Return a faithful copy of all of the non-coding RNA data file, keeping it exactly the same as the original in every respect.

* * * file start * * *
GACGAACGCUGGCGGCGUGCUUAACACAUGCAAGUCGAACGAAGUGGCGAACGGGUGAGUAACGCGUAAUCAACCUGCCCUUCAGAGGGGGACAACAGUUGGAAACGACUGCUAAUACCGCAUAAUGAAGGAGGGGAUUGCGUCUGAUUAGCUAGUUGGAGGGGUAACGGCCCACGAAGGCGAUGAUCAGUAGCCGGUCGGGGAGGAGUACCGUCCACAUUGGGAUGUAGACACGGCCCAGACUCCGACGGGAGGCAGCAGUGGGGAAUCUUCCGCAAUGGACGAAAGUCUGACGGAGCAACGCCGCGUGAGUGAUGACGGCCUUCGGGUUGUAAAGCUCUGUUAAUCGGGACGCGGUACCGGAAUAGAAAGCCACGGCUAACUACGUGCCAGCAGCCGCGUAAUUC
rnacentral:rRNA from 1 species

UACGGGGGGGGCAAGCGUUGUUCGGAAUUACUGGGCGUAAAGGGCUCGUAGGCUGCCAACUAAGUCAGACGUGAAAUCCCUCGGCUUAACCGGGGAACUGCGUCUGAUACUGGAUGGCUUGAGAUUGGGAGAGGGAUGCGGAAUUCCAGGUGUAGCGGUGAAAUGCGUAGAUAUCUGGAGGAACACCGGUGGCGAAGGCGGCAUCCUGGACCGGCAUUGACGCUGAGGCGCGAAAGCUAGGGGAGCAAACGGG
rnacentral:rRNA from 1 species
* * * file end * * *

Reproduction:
GACGAACGCUGGCGGCGUGCUUAACACAUGCAAGUCGAACGAAGUGGCGAACGGGUGAGUAACGCGUAAUCAACCUGCCCUUCAGAGGGGGACAACAGUUGGAAACGACUGCUAAUACCGCAUAAUGAAGGAGGGGAUUGCGUCUGAUUAGCUAGUUGGAGGGGUAACGGCCCACGAAGGCGAUGAUCAGUAGCCGGUCGGGGAGGAGUACCGUCCACAUUGGGAUGUAGACACGGCCCAGACUCCGACGGGAGGCAGCAGUGGGGAAUCUUCCGCAAUGGACGAAAGUCUGACGGAGCAACGCCGCGUGAGUGAUGACGGCCUUCGGGUUGUAAAGCUCUGUUAAUCGGGACGCGGUACCGGAAUAGAAAGCCACGGCUAACUACGUGCCAGCAGCCGCGUAAUUC
rnacentral:rRNA from 1 species

UACGGGGGGGGCAAGCGUUGUUCGGAAUUACUGGGCGUAAAGGGCUCGUAGGCUGCCAACUAAGUCAGACGUGAAAUCCCUCGGCUUAACCGGGGAACUGCGUCUGAUACUGGAUGGCUUGAGAUUGGGAGAGGGAUGCGGAAUUCCAGGUGUAGCGGUGAAAUGCGUAGAUAUCUGGAGGAACACCGGUGGCGAAGGCGGCAUCCUGGACCGGCAUUGACGCUGAGGCGCGAAAGCUAGGGGAGCAAACGGG
rnacentral:rRNA from 1 species